Summary: In some ways, it's a shame, and in other ways, it's a good thing, that jazz is only heard on select stations around the country. It's a shame, because more people can't experience Jack West & Curvature the same way they experience the big names in music today. But it's a good thing too, because it leaves them alone to create music for music's sake, rather than creating music for a record label's whims. As long as commercialism stays out of Curvature's way, they'll be one of the top jazz bands in the country.

SF Weekly

Hear This 

A self-professed guitar geek, Jack West likes to put all the notes in the right places. His clean, melodic riffs and savvy leads convey a clear sense of purpose that's ripe for a feature in Acoustic Guitar magazine -- a fate which may not be far off, considering how the respected boutique publication recently awarded West's fourth album, As We Know It, top honors in its self-released CD competition.

Like former Bay Area guitarist Charlie Hunter, West plays a custom-made eight-string with which he adds rich chords and bass lines to his solos. But he's less funky than Hunter, preferring a breezier, purer music that he calls "progressive acoustic jazz." His sound is smooth and unobtrusive, yet it's also deceptive in its mellowness -- thanks in no small part to his Curvaturebandmates: pedal steel guitarist David Phillips, drummer Dan Foltz, and marimba player Joel Davel. Davel, who has logged "new music" hours with the Paul Dresher String Ensemble, creates a light timbral and harmonic backdrop from which West springboards, using his patented eight-string slide technique. Their interplay is the kind of thing that makes guitar rag readers -- and less initiated listeners -- go gaga.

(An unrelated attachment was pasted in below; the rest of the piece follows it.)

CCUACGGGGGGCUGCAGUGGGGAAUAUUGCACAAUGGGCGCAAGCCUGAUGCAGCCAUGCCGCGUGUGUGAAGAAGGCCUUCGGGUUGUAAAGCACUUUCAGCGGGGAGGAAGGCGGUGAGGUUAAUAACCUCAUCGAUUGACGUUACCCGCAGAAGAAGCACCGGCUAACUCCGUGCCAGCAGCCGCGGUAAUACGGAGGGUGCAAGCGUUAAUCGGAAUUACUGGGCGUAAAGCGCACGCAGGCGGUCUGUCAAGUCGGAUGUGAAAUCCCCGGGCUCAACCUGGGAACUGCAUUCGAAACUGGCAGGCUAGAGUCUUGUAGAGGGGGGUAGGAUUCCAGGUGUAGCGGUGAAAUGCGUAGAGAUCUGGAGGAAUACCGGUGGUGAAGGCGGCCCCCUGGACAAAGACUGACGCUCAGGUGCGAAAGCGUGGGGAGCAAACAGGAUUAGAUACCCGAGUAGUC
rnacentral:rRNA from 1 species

allaboutjazz.com

Jack West & Curvature: Big Ideas

Glenn AstaritaBy GLENN ASTARITA 

Views: 2,601
8-string acoustic guitarist Jack West melds organically induced homespun themes with blues and jazz overtones on his fifth release, titled Big Ideas. Here, “Jack West and Curvature” renders subtle intimacy along with pumping beats and atmospheric propositions as the guitarist makes every note count whether pursuing bluesy bottleneck slide choruses or jazzy lines amid enticing harmonic relationships with cellist Mark Summer and marimba performer Joel Davel. Drummer Scott Amendola, primarily known for his ongoing affiliation with guitarist Charlie Hunter, rounds out an overall sound brimming with quaint melodies and expansive interplay.

Pieces such as “Something About the Dream” and “This Life Reprise” are comprised of cyclic movements, sublime harmonies, East Indian undercurrents and brisk soloing by West, Summer and Davel. However, on “Same Planet, Different Universe”, West fuses jazz-based voicings with Caribbean and Classical elements atop Amendola’s delicate brush work and the band’s buoyant passages and multihued tonalities. Overall, Jack West presents the listener with a hybrid approach to jazz yet the artist’s memorable compositions and glimmering technique bespeaks a fertile imagination, further enhanced by Lee Townsend’s insightful production and the musician’s sympathetic interaction. Recommended!